{ 
    public override IBinder OnBind(Intent intent)
    {
        return null;
    }

    public override StartCommandResult OnStartCommand(Intent intent, StartCommandFlags flags, int startId)
    {
        // From shared code or in your PCL


        return StartCommandResult.NotSticky;
    }
}

And to invoke the service in background

   var intent = new Intent (this, typeof(PeriodicService));
   StartService(intent);

In case wants to invoke and check after every minute

private void StartBackgroundDataRefreshService ()
{
    var pt = new PeriodicTask.Builder ()
        .SetPeriod (1800) // in seconds; minimum is 30 seconds
        .SetService (Java.Lang.Class.FromType (typeof(BackgroundService)))
        .SetRequiredNetwork (0)
        .SetTag (your package name) // package name
        .Build ();

        GcmNetworkManager.GetInstance (this).Schedule (pt);
}

In order to know which service type is good for you read this tutorial Types of Services

Xamarin Blog for periodic background service Xamarin Service Blog

The other example is

public class PeriodicService : Service
{ 
 private static Timer timer = new Timer();     
  public override IBinder OnBind(Intent intent)
    {
        return null;
    }

    public override StartCommandResult OnStartCommand(Intent intent, StartCommandFlags flags, int startId)
    {
        timer.scheduleAtFixedRate(new mainTask(), 0, 5000);
        return StartCommandResult.NotSticky;
    }

   private class mainTask extends TimerTask
    { 
        public void run() 
        {
         //your code
        }
    } 
}

Here is Sample Code of XAMARIN Android Service Which will perform task after every 10 Seconds

using System;
using System.Threading;
using Android.App;
using Android.Content;
using Android.OS;
using Android.Util;

namespace SimpleService
{

[Service]
public class SimpleStartedService : Service
{
    static readonly string TAG = "X:" + typeof(SimpleStartedService).Name;
    static readonly int TimerWait = 10000;
    Timer timer;
    DateTime startTime;
    bool isStarted = false;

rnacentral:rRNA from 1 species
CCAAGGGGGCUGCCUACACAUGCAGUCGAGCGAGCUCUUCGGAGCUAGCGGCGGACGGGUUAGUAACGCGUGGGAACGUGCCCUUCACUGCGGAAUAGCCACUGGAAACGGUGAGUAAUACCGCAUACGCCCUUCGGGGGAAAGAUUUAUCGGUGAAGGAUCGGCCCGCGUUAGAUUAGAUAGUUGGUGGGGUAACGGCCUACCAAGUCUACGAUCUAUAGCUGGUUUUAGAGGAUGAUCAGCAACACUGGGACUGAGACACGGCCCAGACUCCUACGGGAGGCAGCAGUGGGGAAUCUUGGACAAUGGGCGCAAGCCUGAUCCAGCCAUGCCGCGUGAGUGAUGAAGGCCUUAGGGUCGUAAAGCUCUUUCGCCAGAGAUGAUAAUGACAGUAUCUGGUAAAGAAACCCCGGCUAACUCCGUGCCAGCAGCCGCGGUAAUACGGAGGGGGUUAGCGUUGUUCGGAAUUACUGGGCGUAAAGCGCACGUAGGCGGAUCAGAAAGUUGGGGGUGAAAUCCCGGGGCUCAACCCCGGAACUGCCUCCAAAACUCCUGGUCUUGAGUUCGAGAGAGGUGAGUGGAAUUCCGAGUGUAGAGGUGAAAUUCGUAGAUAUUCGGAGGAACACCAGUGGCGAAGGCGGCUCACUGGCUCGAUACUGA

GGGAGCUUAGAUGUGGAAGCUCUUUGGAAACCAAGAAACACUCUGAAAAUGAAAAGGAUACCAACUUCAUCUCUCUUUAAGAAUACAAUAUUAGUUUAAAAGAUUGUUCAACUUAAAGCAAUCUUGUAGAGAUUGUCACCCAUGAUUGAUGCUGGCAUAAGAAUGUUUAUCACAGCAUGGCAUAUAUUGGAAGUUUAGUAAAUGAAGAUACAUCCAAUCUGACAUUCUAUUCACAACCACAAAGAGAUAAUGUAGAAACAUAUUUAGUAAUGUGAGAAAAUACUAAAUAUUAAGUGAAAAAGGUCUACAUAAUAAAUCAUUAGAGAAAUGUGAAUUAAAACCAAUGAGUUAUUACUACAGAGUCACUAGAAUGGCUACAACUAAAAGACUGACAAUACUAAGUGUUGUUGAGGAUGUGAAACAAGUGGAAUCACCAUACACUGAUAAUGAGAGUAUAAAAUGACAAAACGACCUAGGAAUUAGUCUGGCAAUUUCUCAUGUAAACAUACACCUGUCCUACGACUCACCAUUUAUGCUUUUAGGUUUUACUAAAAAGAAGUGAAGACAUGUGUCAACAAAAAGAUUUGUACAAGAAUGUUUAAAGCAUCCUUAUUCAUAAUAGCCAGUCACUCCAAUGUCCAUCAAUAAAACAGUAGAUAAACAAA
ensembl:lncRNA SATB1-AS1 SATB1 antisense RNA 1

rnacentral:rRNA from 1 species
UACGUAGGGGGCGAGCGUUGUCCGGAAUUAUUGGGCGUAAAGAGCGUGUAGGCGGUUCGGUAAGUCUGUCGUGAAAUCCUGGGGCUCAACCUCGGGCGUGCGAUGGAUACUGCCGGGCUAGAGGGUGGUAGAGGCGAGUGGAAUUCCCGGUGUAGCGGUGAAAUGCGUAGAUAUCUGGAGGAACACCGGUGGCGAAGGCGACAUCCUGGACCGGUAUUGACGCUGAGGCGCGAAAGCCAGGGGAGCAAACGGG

public override void OnCreate()
    {
        base.OnCreate();
    }

    public override StartCommandResult OnStartCommand(Intent intent, StartCommandFlags flags, int startId)
    {
        Log.Debug(TAG, $"OnStartCommand called at {startTime}, flags={flags}, startid={startId}");
        if (isStarted)
        {
            TimeSpan runtime = DateTime.UtcNow.Subtract(startTime);
            Log.Debug(TAG, $"This service was already started, it's been running for {runtime:c}.");
        }
        else
        {
            startTime = DateTime.UtcNow;
            Log.Debug(TAG, $"Starting the service, at {startTime}.");
            timer = new Timer(HandleTimerCallback, startTime, 0, TimerWait);
            isStarted = true;
        }
        return StartCommandResult.NotSticky;
    }

    public override IBinder OnBind(Intent intent)
    {
        // This is a started service, not a bound service, so we just return null.
        return null;
    }


    public override void OnDestroy()
    {
        timer.Dispose();
        timer = null;
        isStarted = false;

        TimeSpan runtime = DateTime.UtcNow.Subtract(startTime);
        Log.Debug(TAG, $"Simple Service destroyed at {DateTime.UtcNow} after running for {runtime:c}.");
        base.OnDestroy();
    }

    void HandleTimerCallback(object state)
    {
        TimeSpan runTime = DateTime.UtcNow.Subtract(startTime);
        Log.Debug(TAG, $"This service has been running for {runTime:c} (since ${state})." );
    }
}

}

7